The sun was high and so very hot in the sky when I came upon the clearing, yet the air had chilled me to my core. Dark green leaves dropped down from above and reached up from the earth, and soon it seemed the whole part of the forest was walled off by the undergrowth. The sunlight that did break the canopy created shards of glass that danced to and fro on the countless tones of green and brown. The shade was cold - so very cold for July - and the very life of the forest seemed kept-at-bay by the darkness of the place. Countless greens and browns became countless browns and greens, became lesser and lesser, until it seemed only one hue remained in the shade of the trees above.

In the very core of the place stood a cairn

(/kern/ noun a mound of rough stones built as a memorial or landmark, typically on a hilltop or skyline.)

A crown of molden stumps jut out of its peak, their trunks rotten and splattered across the clearing like a slaughtered platoon. A strange moss grows across its surface, the hue so unlike the surrounding: dark, deep purple. The color of ink, of tar, of sin, of wicked things.

I stand some ten feet from the mound at this point, and from the distance--and despite the thick growth coating them--I see these stones are no accident. Their placement too-intentioned for anything but a burial ground, I know the epic threshold that has been crossed.

A shiver goes up my spine, the chill grips my flesh. The dark stain of Death reigns here, and even the forest cannot breathe its frightful odor.

I circle the cairn slowly, taking in the surrounding trees and looking for any unwanted spectators, but the forest is silent as a crypt.

I take a step towards the stones, my nerves gnawing in anx. That dark purple.

Two steps. I have never seen such a hue in the wild, nor shall I again, I know.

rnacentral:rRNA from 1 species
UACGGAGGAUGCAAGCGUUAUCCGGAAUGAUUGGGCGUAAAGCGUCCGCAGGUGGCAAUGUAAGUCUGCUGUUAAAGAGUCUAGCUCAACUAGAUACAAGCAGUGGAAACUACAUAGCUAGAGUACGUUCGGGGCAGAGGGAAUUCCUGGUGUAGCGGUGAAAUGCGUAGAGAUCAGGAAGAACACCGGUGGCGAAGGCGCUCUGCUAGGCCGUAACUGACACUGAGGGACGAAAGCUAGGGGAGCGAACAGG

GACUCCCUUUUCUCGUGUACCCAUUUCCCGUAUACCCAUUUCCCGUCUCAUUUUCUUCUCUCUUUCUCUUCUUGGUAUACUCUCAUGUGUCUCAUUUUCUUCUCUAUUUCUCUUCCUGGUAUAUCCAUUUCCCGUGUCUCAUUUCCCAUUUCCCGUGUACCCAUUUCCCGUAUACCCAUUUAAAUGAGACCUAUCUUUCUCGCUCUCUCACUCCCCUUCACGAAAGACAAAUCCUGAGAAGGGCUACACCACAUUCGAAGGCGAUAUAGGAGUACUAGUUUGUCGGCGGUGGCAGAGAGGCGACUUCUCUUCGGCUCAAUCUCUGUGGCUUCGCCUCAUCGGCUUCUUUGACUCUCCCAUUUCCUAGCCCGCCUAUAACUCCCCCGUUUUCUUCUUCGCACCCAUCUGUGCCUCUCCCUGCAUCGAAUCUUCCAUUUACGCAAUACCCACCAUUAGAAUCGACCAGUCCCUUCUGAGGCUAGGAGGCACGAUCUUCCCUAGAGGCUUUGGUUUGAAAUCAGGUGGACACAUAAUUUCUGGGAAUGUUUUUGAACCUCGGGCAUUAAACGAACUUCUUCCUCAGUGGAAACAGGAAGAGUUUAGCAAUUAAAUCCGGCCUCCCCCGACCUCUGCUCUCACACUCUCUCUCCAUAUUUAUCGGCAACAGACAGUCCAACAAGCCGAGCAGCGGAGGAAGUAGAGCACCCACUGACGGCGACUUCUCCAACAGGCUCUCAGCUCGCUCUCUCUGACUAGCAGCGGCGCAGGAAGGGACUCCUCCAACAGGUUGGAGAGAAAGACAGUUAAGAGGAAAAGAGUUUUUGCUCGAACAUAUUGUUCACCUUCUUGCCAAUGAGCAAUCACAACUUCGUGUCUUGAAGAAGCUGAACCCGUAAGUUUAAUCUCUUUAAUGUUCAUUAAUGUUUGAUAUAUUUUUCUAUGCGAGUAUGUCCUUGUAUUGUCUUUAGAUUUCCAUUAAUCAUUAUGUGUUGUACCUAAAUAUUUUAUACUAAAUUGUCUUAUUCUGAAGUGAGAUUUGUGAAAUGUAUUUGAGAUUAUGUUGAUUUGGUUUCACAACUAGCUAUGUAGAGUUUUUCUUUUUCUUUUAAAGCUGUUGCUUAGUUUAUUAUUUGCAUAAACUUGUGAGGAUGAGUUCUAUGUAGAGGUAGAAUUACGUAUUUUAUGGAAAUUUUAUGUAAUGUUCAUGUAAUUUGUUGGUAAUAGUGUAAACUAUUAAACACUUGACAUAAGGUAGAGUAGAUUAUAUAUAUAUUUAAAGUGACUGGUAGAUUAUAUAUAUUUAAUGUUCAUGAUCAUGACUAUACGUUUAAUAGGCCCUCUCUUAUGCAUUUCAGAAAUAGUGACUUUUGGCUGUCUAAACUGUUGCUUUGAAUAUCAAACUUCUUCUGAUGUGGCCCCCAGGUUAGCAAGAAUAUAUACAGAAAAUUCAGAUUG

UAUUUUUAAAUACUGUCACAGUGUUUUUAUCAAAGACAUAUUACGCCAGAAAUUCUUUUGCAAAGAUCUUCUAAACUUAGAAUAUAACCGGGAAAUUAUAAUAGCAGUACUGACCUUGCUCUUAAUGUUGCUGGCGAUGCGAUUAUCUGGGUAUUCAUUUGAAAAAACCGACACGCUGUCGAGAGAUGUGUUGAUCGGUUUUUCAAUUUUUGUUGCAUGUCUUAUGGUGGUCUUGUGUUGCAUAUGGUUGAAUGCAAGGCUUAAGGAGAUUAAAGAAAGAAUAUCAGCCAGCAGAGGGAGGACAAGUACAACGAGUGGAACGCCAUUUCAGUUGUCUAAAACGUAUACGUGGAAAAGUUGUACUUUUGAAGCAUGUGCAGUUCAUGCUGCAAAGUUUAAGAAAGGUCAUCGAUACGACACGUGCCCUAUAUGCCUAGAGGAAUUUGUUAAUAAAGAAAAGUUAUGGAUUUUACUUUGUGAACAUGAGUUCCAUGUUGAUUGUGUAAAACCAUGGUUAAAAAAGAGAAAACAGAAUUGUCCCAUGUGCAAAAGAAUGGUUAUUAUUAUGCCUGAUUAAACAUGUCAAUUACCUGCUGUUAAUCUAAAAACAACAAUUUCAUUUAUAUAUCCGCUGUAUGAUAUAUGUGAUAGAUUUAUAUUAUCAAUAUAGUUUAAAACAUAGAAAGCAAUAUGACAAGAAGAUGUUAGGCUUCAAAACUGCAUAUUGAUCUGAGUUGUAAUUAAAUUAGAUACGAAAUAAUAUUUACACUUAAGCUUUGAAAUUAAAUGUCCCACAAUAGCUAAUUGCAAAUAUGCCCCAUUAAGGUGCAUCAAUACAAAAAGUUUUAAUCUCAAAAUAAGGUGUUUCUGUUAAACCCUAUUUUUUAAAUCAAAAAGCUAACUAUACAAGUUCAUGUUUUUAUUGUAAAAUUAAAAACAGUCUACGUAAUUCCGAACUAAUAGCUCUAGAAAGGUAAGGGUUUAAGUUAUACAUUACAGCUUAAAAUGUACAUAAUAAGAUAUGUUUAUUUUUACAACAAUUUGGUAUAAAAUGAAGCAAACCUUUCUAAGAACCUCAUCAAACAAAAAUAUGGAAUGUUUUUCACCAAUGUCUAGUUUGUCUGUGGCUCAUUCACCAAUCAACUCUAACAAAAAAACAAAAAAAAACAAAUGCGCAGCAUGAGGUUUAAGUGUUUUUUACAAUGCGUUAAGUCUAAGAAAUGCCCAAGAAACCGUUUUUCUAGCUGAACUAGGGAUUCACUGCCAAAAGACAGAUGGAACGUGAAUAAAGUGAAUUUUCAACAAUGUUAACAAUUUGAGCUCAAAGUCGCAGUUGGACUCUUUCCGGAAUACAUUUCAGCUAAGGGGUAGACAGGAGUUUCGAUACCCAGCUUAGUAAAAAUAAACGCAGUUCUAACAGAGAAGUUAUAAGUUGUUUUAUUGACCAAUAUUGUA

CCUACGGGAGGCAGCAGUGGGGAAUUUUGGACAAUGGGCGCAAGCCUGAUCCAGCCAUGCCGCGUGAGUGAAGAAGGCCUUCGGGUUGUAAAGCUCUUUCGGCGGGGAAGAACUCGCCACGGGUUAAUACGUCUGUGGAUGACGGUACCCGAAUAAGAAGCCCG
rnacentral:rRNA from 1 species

Three. The chill grows with every footfall, but like Father Time I am only moving one way now.

Four steps. The cairn is before me, its stench roiling in my nostrils like a bay at storm.

Five and I’m there.

The stones tower above me now, so very high above me, as though they’ve grown some hundred times in my quest, the moss coating them a mammoth of inky, purple mass. I reach out, and feel the softness in my outstretched hand.

We all die alone, just as we live. As life-forms we have walls to our selves, our systems. Like a cell wall in biology class, the human body separates us from one another. We can establish connections, through art and culture and joy, but we can never tear down those walls. Not in life. So as we all live alone, striving to become something greater than ourselves in a world so chock-full of strange versions of ourselves, so too do we die alone. But that is not the end to our story. For as we return to dust, so too must we have come from dust. When our minds leave our bodies, our spirits do as well. But unlike our minds - retreating into the void from whence they came - our spirits return to the wind. For as the king must eat, so too must the smallest mushroom in the forest. As we rot, and that wall we call the human body breaks down, our spirit returns to the earth, to feed the worms and nurture the dirt. As the last sparks depart from our flesh, we burn to our smallest atoms, and our spirit returns to the fire. Melting into the soil, nourishing the tiniest bacteria and the oldest tree, our spirit returns to the water so essential to life on this Earth. We all die alone, but in death we are never alone. In death we are in each blade of grass, each drop of rain. The seas carry our song just as the wind in the meadow. Our song and the song of so many before us, each carrying across the elements in its own waves and currents, its own incarnations.

The moss does not kill me. The moss does not hurt me, or eat me, or turn me ill with its odor. The moss is soft, and warm, and moist. The moss teems with an energy unseen but so very felt. The smallest life-forms in the forest live and work and travel and die across this ink-dark carpet; fueled by the souls of the endless dead, the sands of time fallen through the hourglass that knows no end.

For our spirits must go on, endlessly chasing the light that dances in the shade.